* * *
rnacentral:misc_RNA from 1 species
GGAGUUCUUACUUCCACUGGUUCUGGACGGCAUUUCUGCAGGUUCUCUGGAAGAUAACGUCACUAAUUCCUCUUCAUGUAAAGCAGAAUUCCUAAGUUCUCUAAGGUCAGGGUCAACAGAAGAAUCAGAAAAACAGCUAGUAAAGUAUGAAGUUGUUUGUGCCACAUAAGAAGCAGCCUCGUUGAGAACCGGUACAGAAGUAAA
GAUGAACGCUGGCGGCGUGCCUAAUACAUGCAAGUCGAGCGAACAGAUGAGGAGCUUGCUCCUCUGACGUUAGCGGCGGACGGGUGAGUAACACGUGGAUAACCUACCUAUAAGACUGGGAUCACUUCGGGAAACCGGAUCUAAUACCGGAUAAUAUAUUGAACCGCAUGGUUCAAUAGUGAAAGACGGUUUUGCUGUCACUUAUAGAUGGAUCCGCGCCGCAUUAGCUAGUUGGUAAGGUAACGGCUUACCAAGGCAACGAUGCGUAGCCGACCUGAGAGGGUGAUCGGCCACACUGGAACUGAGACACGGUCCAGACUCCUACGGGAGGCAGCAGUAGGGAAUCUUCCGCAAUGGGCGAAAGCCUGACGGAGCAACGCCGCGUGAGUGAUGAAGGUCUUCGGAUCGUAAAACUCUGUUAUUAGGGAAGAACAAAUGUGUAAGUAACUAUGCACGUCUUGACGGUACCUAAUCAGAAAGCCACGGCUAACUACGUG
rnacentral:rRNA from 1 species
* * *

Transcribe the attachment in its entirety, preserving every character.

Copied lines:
rnacentral:misc_RNA from 1 species
GGAGUUCUUACUUCCACUGGUUCUGGACGGCAUUUCUGCAGGUUCUCUGGAAGAUAACGUCACUAAUUCCUCUUCAUGUAAAGCAGAAUUCCUAAGUUCUCUAAGGUCAGGGUCAACAGAAGAAUCAGAAAAACAGCUAGUAAAGUAUGAAGUUGUUUGUGCCACAUAAGAAGCAGCCUCGUUGAGAACCGGUACAGAAGUAAA
GAUGAACGCUGGCGGCGUGCCUAAUACAUGCAAGUCGAGCGAACAGAUGAGGAGCUUGCUCCUCUGACGUUAGCGGCGGACGGGUGAGUAACACGUGGAUAACCUACCUAUAAGACUGGGAUCACUUCGGGAAACCGGAUCUAAUACCGGAUAAUAUAUUGAACCGCAUGGUUCAAUAGUGAAAGACGGUUUUGCUGUCACUUAUAGAUGGAUCCGCGCCGCAUUAGCUAGUUGGUAAGGUAACGGCUUACCAAGGCAACGAUGCGUAGCCGACCUGAGAGGGUGAUCGGCCACACUGGAACUGAGACACGGUCCAGACUCCUACGGGAGGCAGCAGUAGGGAAUCUUCCGCAAUGGGCGAAAGCCUGACGGAGCAACGCCGCGUGAGUGAUGAAGGUCUUCGGAUCGUAAAACUCUGUUAUUAGGGAAGAACAAAUGUGUAAGUAACUAUGCACGUCUUGACGGUACCUAAUCAGAAAGCCACGGCUAACUACGUG
rnacentral:rRNA from 1 species